The government is proposing to take out larger bank loans to businesses through its subscribed “Business Finance Guarantee Scheme” (BFGS).
It multiplies by 10 the limit of loans offered under the program, from $ 500,000 to $ 5 million.
It also expands the BFGS to allow businesses to use loans for purposes other than cash flow. They can now use the loans for “fixed assets and projects related to responding or recovering from the impacts of Covid-19”. They can also refinance up to 20% of their existing debt.
Large companies, with annual turnover of up to $ 200 million, are also eligible. This cap was previously $ 80 million.
And the government is increasing the maximum loan term from three to five years.
If a company defaults on a loan under the BFGS, its bank will go through its normal process to collect the debt. If the debt cannot be collected, the bank can claim 80% of any shortfall from the Crown.
By transferring most of the risk from the bank to the Crown, the aim of BFGS is to encourage the bank to lend more freely.
It is ultimately the bank that decides whether or not to lend to a company.
Although the government does not require the bank to take collateral or the borrower to provide personal collateral, the bank can still choose to do so.
RBNZ Modifies Term Loan Facility
The Reserve Bank supported the BFGS by offering to lend money to banks at the official exchange rate on condition that they on-lend these funds as part of the program.
As the government increases the duration of loans under the program, the Reserve Bank is also increasing the maximum duration of its term loan facility to five years.
Participating banks – ANZ, ASB, BNZ, Heartland Bank, Kiwibank, SBS Bank, TSB, Bank of China and Westpac – have so far drawn only $ 27 million on the facility.
$ 150 million loaned under $ 6.25 billion program
Banks only loaned $ 150 million to 780 customers through BFGS.
When Finance Minister Grant Robertson launched the program in March, as stock markets collapsed, he expected companies to borrow up to $ 6.25 billion.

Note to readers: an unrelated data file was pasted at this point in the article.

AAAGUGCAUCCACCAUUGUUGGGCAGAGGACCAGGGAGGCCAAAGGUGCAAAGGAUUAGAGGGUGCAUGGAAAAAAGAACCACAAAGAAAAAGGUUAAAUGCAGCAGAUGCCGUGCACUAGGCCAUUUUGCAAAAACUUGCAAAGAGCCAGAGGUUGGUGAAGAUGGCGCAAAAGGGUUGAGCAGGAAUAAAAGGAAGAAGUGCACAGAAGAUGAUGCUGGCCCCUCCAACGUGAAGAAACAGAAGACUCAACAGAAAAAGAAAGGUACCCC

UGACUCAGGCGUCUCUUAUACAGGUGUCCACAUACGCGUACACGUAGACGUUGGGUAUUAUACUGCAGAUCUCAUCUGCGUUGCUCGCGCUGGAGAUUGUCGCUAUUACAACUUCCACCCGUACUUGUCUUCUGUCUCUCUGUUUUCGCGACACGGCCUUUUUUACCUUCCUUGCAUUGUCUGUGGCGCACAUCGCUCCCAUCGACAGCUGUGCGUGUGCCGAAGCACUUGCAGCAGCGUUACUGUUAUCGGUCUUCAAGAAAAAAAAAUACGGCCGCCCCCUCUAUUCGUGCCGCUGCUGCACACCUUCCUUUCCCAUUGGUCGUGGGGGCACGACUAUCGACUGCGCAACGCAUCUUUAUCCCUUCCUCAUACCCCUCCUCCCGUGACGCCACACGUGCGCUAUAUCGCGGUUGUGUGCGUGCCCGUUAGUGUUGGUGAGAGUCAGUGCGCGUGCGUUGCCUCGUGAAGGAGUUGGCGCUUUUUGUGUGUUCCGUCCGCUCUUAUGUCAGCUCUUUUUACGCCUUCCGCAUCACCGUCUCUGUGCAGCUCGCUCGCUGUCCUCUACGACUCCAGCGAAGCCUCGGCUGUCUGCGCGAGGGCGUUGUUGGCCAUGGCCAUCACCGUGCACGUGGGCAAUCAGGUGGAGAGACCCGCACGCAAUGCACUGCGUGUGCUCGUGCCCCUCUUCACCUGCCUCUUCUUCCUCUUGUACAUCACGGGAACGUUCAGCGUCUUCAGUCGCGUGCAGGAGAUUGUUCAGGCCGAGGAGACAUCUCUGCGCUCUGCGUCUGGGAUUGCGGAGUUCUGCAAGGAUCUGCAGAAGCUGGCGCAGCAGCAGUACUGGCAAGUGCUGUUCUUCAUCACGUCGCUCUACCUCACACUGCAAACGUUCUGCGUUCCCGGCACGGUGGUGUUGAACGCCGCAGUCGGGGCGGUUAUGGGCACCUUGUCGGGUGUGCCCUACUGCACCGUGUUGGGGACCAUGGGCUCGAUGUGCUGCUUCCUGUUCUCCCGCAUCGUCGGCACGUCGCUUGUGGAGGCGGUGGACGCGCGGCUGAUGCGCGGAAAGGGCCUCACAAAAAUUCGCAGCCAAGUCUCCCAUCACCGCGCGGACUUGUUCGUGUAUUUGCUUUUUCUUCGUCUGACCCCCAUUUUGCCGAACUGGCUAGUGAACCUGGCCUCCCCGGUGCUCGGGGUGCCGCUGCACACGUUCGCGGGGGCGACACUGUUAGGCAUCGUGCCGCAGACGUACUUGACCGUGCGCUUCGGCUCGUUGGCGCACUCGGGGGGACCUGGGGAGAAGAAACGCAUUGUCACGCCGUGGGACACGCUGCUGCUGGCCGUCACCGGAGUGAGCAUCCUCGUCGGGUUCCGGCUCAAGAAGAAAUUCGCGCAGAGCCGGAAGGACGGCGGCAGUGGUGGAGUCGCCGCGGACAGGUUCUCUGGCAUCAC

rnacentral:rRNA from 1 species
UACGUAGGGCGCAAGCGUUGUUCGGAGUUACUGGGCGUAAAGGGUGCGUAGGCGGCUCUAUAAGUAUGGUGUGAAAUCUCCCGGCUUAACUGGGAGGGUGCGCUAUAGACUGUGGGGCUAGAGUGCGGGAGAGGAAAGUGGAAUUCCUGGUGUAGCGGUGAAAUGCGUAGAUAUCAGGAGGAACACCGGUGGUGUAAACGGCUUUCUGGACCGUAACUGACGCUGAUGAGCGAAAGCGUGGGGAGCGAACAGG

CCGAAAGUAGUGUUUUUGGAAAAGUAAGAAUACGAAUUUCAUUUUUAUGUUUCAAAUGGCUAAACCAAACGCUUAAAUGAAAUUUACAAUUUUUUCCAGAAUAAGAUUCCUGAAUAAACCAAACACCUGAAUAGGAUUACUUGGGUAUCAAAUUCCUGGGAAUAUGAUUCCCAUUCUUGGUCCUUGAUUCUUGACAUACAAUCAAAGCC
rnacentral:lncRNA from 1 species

The regime encountered problems because it was announced on the fly before the banks are ready to receive the requests.
Eligibility criteria were also restricted and therefore had to be expanded in May to include farm businesses and small businesses. Robertson also removed the requirement for banks to take collateral in certain cases.
While Kiwibank’s corporate client director, Quentin Quin, said that “many” clients would now be eligible for the program, New Zealand Bankers Association CEO Roger Beaumont said that “adoption will ultimately be driven by business demand.”
Reserve Bank Deputy Governor Geoff Bascand noted last month that there had been a “significant decline in demand for business credit” (in all areas, beyond the corporate finance) during the first half of 2020.
“While the demand for loans for working capital of small and medium-sized enterprises, enterprises and sheep and cattle ranchers has increased, the demand for credit for capital expenditure has decreased considerably,” he said. declared.
He questioned the prospect of an immediate hike, saying: “Business investment intentions have also fallen sharply, with increased uncertainty over the strength of future demand.
“Some apparent weakening in demand for credit may also reflect the perception by businesses that credit is not available or that conditions have tightened.”
Bascand has repeatedly urged banks to lend, to avoid adding a credit crunch to the economic crisis caused by Covid-19.
The poorest small businesses
Coming back to the BFGS, Treasury in March advised Small businesses in Robertson, not covered by the program, needed more urgent support.
“The pressures will usually emerge first in small businesses, which have fewer pre-approved precautionary lending facilities. Big companies have more options and deeper banking relationships, ”the Treasury said.
“Banks still have the ability to support their customers, especially large companies that represent a good credit risk.
Indeed, the adoption of the program announced subsequently, managed by the Inland Revenue Small Business Cash Loan Program, which offers unsecured interest free loans of up to $ 100,000 to small businesses, has been huge.
The BFGS is available until December 31.
See Cash website to learn more about the BFGS.